1. Great observation, Bob. I’m constantly surprised by how many people believe following rules means nothing bad can happen. It’s akin to outlawing guns in order to eliminate gun violence.

      The detrimental effect of increased regulation on aviation is one of my main theses here at the House of Rapp. I liken it to the drag curve we all learned about as student pilots: at the high end of the scale, a minor increase in angle-of-attack is accompanied by an exponential increase in drag. That’s the point we’re at with flight safety. Any further increase in safety will come with costs that will decimate what’s left of general aviation.

      We are not the only ones coming to that conclusion. Air Facts just published an excellent article on that topic.

      1. You were right. That is an excellent article — Well thought out and succinctly written. It should be required reading for every government regulator and every government legislator.

        Not to be too sarcastic but, instead of sneaking through the back door by busting people who snore (apnea), why don’t they just make a specific regulation that bans dozing off while flying an aircraft below say FL800. We’d all BE a lot safer knowing there’s a reg covering that possible scenario. And there’d only be a few trillions of other possible deadly scenarios left to rule out of existence. (Sorry to go off topic here)

        1. You and I know that would be folly, but there are plenty of individuals in positions of political power who would probably be outraged that there was no law against falling asleep while flying an airplane. Probably the same folks who’d express “deep concern” upon learning that ATC doesn’t directly track and control every airplane in the sky.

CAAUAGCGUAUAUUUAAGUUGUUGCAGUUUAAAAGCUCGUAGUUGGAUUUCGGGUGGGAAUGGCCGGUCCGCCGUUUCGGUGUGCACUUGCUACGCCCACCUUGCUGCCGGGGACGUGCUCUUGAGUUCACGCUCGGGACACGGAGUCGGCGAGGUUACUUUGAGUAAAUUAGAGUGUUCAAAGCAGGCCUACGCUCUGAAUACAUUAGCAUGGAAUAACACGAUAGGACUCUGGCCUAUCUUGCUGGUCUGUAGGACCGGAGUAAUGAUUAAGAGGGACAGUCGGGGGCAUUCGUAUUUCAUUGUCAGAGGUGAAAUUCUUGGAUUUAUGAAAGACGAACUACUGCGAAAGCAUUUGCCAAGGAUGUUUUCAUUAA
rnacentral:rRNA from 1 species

1. Under ADS-B they will be able to track every airplane. Since they will know where everyone is and who they are, why wouldn’t one think they will not become more controlling?

      2. I had to plead with the approach controller for the ILS to KDPA from the South on my instrument check ride. I was very polite. I had asked for that approach (which was the partial panel approach) and at first he turned me North rather than South. I said “Please I would like the ILS 2L.” and he then said “(implied duh), turn to a heading of 200.” Of course he was probably pretty busy, being Chicago Approach.

    2. The Cirrus driver should have been listening on the frequency for at least long enough to have heard the other airplane get clearance on the straight in since both were talking to a tower in Delta airspace. I always have my students check for traffic arriving when we are downwind before turning base and on base before turning final. It is a habit to be formed from the very first lesson!

  4. We are told during ground training that one of the BAD characteristics for a pilot is an anti-authority attitude.

    When we first get in the plane there is a feeling that the guy in the headset knows a LOT more about the plane moving around the airport (both on the ground and in the sky) than the student does. This is demonstrable, because the student can get corrected. “Please call before leaving that run-up area next time.” “Oops, sorry.”